For a producer who redefined the art of sampling and raised the creative stakes in modern music, Prince Paul is a remarkably humble, easygoing, and quirky guy. He may not always get proper acknowledgement for his work, which flies over many peoples’ heads, but there’s no denying the fact that hip-hop heavyweights like The RZA, 9th Wonder, and The Alchemist have all been influenced by Prince Paul’s bugged-out blueprint.

The musician from Amityville, Long Island got his start as a naïve teenage DJ spinning for the the hip-hop unit Stetsasonic, but Paul was not recognized as a force in the game until he molded one of the most groundbreaking and influential groups in the history of hip-hop.

The formation of De La Soul, and its seminal debut album 3 Feet High and Rising, redefined the possibilities of sampling in hip-hop. Digger deeper than the typical funk and Jazz records, Paul cooped up up a crazy pop-culture gumbo that included country music and TV commercials too. But his eclectic sample sources were not the only eye-opener for the genre. Paul's creative use of skits—both as a way of providing comic relief and establishing a cohesive theme throughout an album—made a profound impact on hip-hop as well. And Prince Paul’s diverse array of production credits for artists like Big Daddy Kane, 3rd Bass, and Queen Latifah earned him props during hip-hop’s golden age.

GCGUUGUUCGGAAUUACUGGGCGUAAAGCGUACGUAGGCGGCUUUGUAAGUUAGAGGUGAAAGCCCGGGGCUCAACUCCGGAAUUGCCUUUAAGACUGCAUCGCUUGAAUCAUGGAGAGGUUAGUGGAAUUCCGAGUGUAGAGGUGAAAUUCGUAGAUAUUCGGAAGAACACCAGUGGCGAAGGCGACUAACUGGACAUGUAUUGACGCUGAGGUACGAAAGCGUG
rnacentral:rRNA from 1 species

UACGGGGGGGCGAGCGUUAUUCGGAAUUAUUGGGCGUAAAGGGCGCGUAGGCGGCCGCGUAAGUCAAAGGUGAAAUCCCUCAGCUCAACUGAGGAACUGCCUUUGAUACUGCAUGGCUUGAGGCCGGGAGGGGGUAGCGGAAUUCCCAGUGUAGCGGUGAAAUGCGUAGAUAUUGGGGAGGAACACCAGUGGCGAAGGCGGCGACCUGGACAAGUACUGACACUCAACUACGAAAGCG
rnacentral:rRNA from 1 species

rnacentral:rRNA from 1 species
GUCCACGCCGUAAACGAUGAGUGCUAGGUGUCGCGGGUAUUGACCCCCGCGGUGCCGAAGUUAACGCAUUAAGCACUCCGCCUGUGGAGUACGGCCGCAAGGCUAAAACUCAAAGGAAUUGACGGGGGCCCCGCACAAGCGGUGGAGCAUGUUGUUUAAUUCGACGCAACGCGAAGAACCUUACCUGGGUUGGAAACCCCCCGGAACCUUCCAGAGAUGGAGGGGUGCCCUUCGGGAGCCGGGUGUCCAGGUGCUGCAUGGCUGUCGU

The veteran producer has managed to survive and thrive amidst the constant onslaught of competitive newcomers. Prince Paul continues to build projects that reflect his restless imagination in thought-provoking and humorous ways. He’s spent much of the past year criss-crossing America with Scion A/V as part of the documentary series “Prince Paul’s Amazing Musical Journey,” which allowed this intrepid aural explorer to keep plugged in to the current music landscape. We caught up with the legend long enough to dissect some of his classic cuts.

As told to Jaeki Cho (@JaekiCho)

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